The Impact nearly stole the game in the 89th minute when defender Hicham Aaboubou headed a corner from Zurab Tsiskaridze just above the crossbar.

“Today’s result is fair,” said Impact head coach Marc Dos Santos. “The game was played pieces by pieces, with good sequences from both teams. We fought and we created good opportunities. Unfortunately, we played with anxiety. We wanted to do well so hard that it influenced our decision making and our quality of play. We have to put some heart in everything we do and show passion in our stadium.”

Running back Chad Kackert scores two TDs as Argonauts defeat Tiger-Cats 31-12

TORONTO – The starting quarterback job is up for grabs in Toronto. Both Cleo Lemon and Dalton Bell look like they’re up for the task.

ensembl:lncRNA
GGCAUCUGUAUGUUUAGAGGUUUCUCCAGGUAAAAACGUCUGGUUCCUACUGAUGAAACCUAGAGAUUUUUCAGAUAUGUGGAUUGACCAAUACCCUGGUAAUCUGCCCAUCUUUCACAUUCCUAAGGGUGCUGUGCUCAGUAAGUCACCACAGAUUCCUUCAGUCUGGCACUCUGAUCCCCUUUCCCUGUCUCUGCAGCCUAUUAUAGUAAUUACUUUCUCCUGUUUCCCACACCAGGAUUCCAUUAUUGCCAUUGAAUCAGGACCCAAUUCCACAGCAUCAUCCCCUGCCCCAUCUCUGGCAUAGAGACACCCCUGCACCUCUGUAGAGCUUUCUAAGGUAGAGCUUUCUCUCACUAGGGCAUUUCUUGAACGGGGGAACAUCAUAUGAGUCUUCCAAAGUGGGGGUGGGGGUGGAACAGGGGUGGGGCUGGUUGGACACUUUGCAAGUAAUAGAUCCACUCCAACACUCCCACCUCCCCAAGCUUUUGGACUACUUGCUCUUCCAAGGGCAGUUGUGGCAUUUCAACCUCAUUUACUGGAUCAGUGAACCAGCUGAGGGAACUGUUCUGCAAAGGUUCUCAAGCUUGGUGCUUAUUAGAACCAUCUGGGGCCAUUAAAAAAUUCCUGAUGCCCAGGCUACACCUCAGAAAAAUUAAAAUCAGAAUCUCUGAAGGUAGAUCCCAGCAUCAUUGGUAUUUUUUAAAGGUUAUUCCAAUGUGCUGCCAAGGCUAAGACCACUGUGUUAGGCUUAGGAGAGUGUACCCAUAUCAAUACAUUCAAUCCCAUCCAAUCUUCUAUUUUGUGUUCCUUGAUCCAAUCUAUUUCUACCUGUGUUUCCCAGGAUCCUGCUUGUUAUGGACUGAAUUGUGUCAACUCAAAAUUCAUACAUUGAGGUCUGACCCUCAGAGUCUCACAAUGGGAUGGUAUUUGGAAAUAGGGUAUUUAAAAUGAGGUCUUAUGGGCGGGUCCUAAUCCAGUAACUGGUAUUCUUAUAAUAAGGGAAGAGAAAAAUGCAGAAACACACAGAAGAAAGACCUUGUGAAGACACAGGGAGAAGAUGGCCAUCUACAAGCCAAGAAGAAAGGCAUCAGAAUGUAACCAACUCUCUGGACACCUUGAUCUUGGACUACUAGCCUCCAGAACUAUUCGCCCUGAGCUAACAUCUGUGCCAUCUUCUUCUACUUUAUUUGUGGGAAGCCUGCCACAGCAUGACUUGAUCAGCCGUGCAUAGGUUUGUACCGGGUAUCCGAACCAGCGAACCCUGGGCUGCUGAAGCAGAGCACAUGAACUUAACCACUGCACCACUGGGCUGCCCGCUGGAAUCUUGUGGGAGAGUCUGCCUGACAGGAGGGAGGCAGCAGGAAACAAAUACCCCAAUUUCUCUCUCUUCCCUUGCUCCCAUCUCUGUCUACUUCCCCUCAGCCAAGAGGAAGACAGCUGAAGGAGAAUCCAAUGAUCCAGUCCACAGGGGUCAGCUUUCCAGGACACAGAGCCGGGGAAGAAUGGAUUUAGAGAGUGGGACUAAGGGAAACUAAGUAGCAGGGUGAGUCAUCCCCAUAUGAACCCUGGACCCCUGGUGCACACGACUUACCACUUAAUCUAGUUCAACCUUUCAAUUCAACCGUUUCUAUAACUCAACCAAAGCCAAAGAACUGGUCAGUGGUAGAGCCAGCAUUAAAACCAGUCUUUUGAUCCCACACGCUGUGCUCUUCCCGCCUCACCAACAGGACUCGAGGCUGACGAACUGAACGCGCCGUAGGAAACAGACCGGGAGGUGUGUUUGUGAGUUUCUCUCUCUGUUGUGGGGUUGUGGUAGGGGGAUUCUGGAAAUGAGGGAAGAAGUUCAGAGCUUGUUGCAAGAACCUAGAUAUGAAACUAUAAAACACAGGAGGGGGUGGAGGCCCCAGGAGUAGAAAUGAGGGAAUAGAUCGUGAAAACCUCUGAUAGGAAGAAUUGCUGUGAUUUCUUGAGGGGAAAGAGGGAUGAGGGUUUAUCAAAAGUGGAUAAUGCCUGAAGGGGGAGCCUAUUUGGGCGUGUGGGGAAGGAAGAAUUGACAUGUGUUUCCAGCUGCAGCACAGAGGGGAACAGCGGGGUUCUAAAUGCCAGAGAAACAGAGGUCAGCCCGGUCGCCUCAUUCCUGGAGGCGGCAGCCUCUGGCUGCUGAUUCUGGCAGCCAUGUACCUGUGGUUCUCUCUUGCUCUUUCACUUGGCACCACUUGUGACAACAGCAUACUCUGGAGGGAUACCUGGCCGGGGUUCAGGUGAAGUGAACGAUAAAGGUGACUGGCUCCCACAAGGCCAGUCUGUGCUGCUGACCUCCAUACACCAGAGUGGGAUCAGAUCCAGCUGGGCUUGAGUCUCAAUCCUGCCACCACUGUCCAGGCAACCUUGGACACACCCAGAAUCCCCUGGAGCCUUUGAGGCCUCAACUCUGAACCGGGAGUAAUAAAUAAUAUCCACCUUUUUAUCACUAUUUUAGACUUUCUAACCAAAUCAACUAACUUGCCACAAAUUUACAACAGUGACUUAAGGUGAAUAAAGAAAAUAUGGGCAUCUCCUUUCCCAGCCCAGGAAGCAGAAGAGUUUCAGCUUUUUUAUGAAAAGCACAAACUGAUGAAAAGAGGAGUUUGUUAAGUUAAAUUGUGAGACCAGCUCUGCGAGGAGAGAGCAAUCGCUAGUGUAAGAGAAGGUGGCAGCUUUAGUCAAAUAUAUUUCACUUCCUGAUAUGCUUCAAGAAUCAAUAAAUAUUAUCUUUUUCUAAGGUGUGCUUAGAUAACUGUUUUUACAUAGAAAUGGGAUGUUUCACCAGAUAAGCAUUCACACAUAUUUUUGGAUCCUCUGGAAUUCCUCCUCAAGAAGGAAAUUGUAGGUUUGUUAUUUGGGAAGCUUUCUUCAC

Lemon was solid in the first half and Bell was just as effective in the second half as the Argonauts defeated the Hamilton Tiger-Cats 31-12 on Saturday afternoon at Rogers Centre. Toronto running back Chad Kackert scored two touchdowns in the CFL pre-season opener for both teams.

Lemon was 11-of-15 for 130 yards and one touchdown. Bell had similar numbers, going 9-of-15 for 189 yards and one touchdown.

“Either one of them can be the leader of this boat,” said veteran receiver Jeremaine Copeland. “I think it’s going to be a hard decision on the coaches.”

Lemon captured the starter’s job last season and helped guide Toronto to a 9-9 record and a win in the East Division semifinal. Bell, meanwhile, saw limited action after being acquired from Saskatchewan in March 2010.

“The thing that’s exciting for me is I feel we have two guys that our team has confidence in,” said head coach Jim Barker.

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Hamilton quarterback Jason Boltus took most of the snaps after relieving starter Quinton Porter after the first quarter. Boltus engineered a 14-play, 102-yard effort that was capped by an eight-yard TD strike to wide receiver Matt Carter at 7:16 of the fourth quarter.